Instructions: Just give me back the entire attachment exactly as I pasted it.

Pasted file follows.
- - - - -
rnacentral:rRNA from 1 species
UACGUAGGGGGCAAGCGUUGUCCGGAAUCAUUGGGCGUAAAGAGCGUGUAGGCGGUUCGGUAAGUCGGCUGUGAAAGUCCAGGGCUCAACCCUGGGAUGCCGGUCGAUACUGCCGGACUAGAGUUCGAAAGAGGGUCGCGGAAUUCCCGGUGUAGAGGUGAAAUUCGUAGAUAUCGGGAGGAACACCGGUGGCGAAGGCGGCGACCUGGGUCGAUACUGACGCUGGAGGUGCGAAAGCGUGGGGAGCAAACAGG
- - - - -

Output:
rnacentral:rRNA from 1 species
UACGUAGGGGGCAAGCGUUGUCCGGAAUCAUUGGGCGUAAAGAGCGUGUAGGCGGUUCGGUAAGUCGGCUGUGAAAGUCCAGGGCUCAACCCUGGGAUGCCGGUCGAUACUGCCGGACUAGAGUUCGAAAGAGGGUCGCGGAAUUCCCGGUGUAGAGGUGAAAUUCGUAGAUAUCGGGAGGAACACCGGUGGCGAAGGCGGCGACCUGGGUCGAUACUGACGCUGGAGGUGCGAAAGCGUGGGGAGCAAACAGG